SIOUX FALLS, S.D. (KELO) — There was no surprise in the November finances for entertainment tax and lodging tax receipts in the city, Sioux Falls Financial Director Shawn Pritchett said.
Both were down in the 12-month rolling average and in October from October 2019, Pritchett said in his financial presentation to the city council on Dec. 15.
October activity is shown in November receipts.
The rolling 12-month average for lodging tax receipts decreased by 24.1% and by 32.1% for October compared to October 2019, Pritchett said.
Local hotel occupancy rates reflect that downturn.
The rolling 12-month average for entertainment tax receipts as down 11.4% in November. It was down 14.3% for the month compared to the same time in 2019. The entertainment tax is the third penny tax generated at hotels, restaurants and bars.
October transactions declined by 10% or $3.6 million in October after no increase in September.
The two sectors were disproportionately impacted by the coronavirus pandemic than many other economic sectors in the city, he said.
Pritchett said he expected downturns to continue into next month. The downturn in hospitality industry, which includes lodging, could last longer, he said.
CNNBusiness’s COVID-19 economic tracker shows that the hotel occupancy rate in the U.S. is down 37.90% over last year as of Dec. 5. Domestic air travel was down by 65.8% from last year.
Although CNNBusiness said South Dakota’s economic is operating at 89% of what it was in March, the financials in Sioux Falls indicate that even if the state is at 89%, there are still declines.
Total taxable sales for Sioux Falls in October dipped by 2% after a 1% increase in September. That’s a change of $12.8 million.
Sales tax revenue accounts for $70.1 million or about 38% of the city’s general fund revenues in fiscal 2021 budget.
During an economic forecast report on Dec. 16, U.S. Federal Reserve Chairman Jerome Powell said service businesses, including bars and hotels were still struggling in the U.S.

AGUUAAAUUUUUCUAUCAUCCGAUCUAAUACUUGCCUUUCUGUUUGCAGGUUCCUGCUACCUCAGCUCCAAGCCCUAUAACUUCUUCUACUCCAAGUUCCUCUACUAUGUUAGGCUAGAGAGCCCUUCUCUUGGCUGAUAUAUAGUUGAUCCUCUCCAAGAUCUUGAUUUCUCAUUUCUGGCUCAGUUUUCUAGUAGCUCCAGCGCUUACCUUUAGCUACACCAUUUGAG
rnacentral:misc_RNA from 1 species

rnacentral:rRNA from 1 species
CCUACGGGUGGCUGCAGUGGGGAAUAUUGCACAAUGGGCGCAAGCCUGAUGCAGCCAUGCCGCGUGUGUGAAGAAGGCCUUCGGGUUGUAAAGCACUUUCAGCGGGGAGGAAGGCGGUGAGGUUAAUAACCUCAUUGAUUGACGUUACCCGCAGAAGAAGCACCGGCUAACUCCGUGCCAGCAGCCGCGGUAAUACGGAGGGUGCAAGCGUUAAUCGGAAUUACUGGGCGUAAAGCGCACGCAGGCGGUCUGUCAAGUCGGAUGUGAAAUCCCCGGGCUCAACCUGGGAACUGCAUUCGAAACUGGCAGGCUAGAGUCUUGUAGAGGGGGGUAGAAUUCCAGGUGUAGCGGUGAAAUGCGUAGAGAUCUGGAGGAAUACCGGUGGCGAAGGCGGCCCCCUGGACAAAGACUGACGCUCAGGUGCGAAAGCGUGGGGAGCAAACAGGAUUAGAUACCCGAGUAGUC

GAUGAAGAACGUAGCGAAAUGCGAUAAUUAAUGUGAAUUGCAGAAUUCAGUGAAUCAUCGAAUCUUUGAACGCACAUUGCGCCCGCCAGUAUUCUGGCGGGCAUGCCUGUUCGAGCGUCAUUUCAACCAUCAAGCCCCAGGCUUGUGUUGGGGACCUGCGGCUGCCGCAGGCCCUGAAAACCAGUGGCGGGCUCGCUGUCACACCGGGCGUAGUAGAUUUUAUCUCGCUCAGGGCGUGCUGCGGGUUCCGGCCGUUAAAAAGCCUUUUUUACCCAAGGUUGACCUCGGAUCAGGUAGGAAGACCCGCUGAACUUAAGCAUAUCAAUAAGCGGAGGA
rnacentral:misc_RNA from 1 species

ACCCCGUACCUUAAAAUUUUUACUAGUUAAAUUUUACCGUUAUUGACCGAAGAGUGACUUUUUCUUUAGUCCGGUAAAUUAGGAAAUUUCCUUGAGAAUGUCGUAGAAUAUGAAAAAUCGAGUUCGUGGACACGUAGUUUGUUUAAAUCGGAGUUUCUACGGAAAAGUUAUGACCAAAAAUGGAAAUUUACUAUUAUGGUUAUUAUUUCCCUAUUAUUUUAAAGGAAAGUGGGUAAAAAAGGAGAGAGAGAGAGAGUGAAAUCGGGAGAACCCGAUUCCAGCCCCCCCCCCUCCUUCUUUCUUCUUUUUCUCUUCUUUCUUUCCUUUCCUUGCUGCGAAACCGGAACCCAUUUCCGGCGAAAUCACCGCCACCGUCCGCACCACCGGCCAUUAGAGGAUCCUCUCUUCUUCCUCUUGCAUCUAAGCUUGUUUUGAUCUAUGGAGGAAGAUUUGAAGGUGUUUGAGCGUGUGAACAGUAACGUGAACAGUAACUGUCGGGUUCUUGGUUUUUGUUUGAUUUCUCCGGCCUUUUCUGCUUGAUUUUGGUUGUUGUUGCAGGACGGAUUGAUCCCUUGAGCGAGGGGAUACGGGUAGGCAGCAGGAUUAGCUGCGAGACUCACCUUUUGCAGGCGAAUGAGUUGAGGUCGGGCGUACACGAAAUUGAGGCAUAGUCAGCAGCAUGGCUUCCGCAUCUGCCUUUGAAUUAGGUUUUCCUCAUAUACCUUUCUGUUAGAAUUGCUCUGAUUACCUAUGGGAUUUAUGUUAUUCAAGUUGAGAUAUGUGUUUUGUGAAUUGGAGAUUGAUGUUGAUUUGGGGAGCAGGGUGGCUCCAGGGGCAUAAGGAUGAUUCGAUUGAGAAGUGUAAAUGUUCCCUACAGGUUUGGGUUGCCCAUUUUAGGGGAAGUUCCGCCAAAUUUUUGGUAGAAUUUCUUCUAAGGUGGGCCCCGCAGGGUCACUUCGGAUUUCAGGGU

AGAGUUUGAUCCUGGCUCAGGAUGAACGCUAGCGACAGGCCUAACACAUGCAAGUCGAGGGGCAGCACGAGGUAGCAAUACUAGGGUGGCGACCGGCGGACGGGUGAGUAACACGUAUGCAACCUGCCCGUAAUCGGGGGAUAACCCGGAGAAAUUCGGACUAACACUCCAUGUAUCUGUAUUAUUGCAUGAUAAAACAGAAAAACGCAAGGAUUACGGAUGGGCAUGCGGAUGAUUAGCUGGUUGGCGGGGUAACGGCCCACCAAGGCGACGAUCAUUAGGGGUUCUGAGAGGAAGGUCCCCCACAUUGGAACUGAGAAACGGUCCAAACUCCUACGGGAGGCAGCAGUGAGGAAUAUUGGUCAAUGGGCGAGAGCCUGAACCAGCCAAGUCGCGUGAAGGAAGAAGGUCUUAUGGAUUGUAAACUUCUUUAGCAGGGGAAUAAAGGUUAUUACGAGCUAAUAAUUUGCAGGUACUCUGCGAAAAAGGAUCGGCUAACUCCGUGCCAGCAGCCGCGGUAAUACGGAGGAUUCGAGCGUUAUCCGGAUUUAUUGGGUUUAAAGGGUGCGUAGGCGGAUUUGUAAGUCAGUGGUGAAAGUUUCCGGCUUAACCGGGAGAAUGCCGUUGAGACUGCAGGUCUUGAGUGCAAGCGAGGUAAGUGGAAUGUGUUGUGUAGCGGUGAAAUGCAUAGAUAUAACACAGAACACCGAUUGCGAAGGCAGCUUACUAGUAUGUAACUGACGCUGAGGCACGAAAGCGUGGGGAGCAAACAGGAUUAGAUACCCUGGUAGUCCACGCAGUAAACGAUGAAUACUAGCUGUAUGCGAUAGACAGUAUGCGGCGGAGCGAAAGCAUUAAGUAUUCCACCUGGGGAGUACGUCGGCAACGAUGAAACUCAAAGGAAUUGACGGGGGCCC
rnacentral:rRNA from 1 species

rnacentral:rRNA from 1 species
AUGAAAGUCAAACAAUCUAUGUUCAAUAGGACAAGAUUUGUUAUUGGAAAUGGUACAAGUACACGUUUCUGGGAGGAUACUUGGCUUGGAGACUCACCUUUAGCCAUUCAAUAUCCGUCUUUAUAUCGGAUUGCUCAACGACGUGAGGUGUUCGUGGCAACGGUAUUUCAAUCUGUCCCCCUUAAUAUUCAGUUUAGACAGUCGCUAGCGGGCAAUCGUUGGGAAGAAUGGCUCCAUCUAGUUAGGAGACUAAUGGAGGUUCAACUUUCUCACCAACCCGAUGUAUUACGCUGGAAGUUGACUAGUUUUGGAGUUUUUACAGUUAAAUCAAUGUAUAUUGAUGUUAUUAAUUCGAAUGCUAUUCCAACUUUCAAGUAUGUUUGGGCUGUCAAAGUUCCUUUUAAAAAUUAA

The recent November and December surge in COVID-19 cases in the U.S, has larger impact on this sector than prior surges, Powell said. As people stopped gathering in bars and restaurants and didn’t say in hotels, “now we are beginning to see that show up…,” Powell said.
Yet, as he discussed the downturn in sectors of the economy, Powell also acknowledged that COVID-19 vaccinations started this week.
The progress of the vaccinations will impact the economy but by how much and how quickly is yet uncertain, Powell said.
“(Perhaps) by the middle of next year people will feel comfortable about going out (to bar, etc),” he said.
While there were expected continued rolling 12-month deficits in entertainment and lodging receipts, Pritchett also reported some brighter spots in the local economy.
The value of building permits as of November was $670 million, only about $60 million from 2019, he said.
Permits for multi-family housing and single family housing were up over November in 2019, Pritchett said.
Property owners have continued to pay property taxes, which is another big source $(70.8 million) of revenue for the city’s general fund budget.
The city has collected $63.6 million in property taxes compared to $60.2 million in November of 2019.